Pub. Date: January 24, 2017
Source: e-ARC via publisher (Thank you, Diversion Books!)
Summary: Danny Tozer has a problem: she just inherited the powers of the world’s greatest superhero. Until Dreadnought fell out of the sky and died right in front of her, she was trying to keep people from finding out she’s transgender. But then her second-hand superpowers transformed her body into what she’s always thought it should be. Now there’s no hiding that she’s a girl.
It should be the happiest time of her life, but between her father’s dangerous obsession with curing her girlhood, her best friend suddenly acting like he’s entitled to date her, and the classmate who is secretly a masked vigilante, Danny’s first weeks living in a body that fits her are more difficult and complicated than she could have imagined.
She doesn’t have much time to adjust. Dreadnought’s murderer, a cyborg named Utopia, still haunts the streets of New Port City. If Danny can’t sort through the confusion of coming out, master her powers, and stop Utopia in time, humanity faces extinction.
Genre: YA, Sci-Fi/Fantasy, LGBT
Danny lives in a world where superheroes exist right alongside regular folks – the catch though, is that when a hero dies, their mantel is passed on for someone new to step into the role and that’s exactly what happens the day Dreadnought dies. Danny, several cities away from home and crouched behind a building so she can paint her toenails in privacy, is in the wrong place at the wrong time: just as there are superheroes, there are supervillains and Utopia is the baddest of them all. As they’re engaged in a fierce battle, Uptopia blasts Dreadnought out of the sky, sending him plummeting to the ground…and right into Danny’s path.
Dreadnought is teetering on the brink of death and in his final moments, he passes on the title of Dreadnought to Danny – and it’s not what she expected. As she takes on the name and powers, she also takes on an entirely new body – literally. Inside Danny has always felt like a girl, she knew she was a girl, and now she has the body to prove it. Unfortunately for Danny, while she might be over the moon with her new outward appearance, those around her aren’t quite as readily accepting. Not to mention there’s still that nasty business with Utopia to attend to.
I…did not like this book. At all. There’s been such a huge surge lately of LGBT novels in YA (particularly Middle Grade!) and I’m loving it, so right off the bat I was looking forward to this novel about a transgender superhero. Sadly, almost immediately I realized Dreadnought was not the book I had hoped for. Instead of a novel devoted to the trials and tribulations of a transgender character (I really wanted to get inside her head and experience her thoughts and feelings), Danny gets her magical makeover in the first chapter.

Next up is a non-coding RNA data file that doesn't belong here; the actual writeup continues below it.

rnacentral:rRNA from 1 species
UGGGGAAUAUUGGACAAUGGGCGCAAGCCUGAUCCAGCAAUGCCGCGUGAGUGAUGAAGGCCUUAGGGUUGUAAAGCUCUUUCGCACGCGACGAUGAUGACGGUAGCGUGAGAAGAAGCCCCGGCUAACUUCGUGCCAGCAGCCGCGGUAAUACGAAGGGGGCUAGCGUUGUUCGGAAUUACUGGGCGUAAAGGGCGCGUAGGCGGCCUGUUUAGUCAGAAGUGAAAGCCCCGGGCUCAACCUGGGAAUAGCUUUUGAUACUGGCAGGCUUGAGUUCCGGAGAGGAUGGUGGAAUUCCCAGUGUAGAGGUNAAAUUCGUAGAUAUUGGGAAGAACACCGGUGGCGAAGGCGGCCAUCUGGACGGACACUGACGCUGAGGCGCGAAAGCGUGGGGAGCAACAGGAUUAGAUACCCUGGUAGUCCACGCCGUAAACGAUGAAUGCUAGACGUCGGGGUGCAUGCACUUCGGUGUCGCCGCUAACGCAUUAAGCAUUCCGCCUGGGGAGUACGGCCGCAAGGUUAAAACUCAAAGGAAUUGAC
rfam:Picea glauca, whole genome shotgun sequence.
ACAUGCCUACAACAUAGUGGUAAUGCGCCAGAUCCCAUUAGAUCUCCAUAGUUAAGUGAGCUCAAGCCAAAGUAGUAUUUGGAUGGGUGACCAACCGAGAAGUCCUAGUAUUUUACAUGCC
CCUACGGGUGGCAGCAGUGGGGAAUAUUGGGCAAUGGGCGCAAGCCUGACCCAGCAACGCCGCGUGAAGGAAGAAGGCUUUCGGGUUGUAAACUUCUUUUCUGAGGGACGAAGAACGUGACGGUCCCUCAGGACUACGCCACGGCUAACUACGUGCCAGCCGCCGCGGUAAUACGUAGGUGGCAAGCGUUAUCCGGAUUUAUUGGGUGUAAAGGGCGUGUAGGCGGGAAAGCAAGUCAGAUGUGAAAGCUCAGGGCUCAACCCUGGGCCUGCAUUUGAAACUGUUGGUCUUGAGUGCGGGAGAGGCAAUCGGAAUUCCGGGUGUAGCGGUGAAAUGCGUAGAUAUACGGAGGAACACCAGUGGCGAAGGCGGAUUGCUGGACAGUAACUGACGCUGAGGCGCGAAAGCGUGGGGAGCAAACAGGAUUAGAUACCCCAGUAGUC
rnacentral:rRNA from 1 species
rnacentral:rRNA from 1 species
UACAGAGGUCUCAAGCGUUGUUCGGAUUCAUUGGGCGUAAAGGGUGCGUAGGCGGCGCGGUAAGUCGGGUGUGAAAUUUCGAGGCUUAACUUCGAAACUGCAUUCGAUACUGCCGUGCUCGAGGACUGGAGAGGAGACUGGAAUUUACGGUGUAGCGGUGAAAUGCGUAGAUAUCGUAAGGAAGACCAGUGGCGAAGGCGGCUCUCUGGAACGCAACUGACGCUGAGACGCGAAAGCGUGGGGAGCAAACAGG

Dreadnought felt like a series of barely-connected daydreams. You know the ones where you finally tell your boss what you think of him? Or how you imagine you’re walking down the street and, out of nowhere, a blazing inferno erupts at a hospital – but no fear, for you’ve managed to save every last child and are dubbed a national hero? Those kind of daydreams. That’s exactly what reading this book felt like: a string of fantasies that are held together by the flimsiest plot ever. Danny, now Dreadnought, discovers her body is not only able to withstand horrific injury (she saves a flaming airplane from crashing into the ground) but she’s also in perfect shape and has an amazingly massive chest, which her BFF can’t stop staring at (of course) and, gosh, she practically has to beat him off with a stick because now he wants to date her after years and years of believing her to be male. She comes to huge blows with her father – an absurd character who was only included so the book would have a bad guy, since Utopia didn’t appear again until 72% of the way in, and then promptly vanished once more a few pages later. Danny, 15, and another 15-year-old casually walk into a bar and no one bats an eye. In the middle of a VERY crucial battle, there’s a multi-page lesson on make-up.
Although I really appreciated the message in Dreadnought, it was so heavy-handed and every single character was either wholly good and loving and accepting or absolutely horrid (wildly insulting and prone to hurling every offensive slur imaginable.) There was a bewildering scene involving another superhero (an adult, mind you) who couldn’t accept that Danny was female:
“I’m just as much a girl as you are.”
“Oh really? She leans forward, steeples her fingers. “Do you even know how to put in a tampon?”
Another quote that got to me was when Danny said “Suddenly, I’m worried about getting fat, which is something that hasn’t happened to me before.” Yeah, no.
Sorry, Dreadnought, I wanted to cheer you on and I know I’m in the minority here, but you just weren’t the book for me.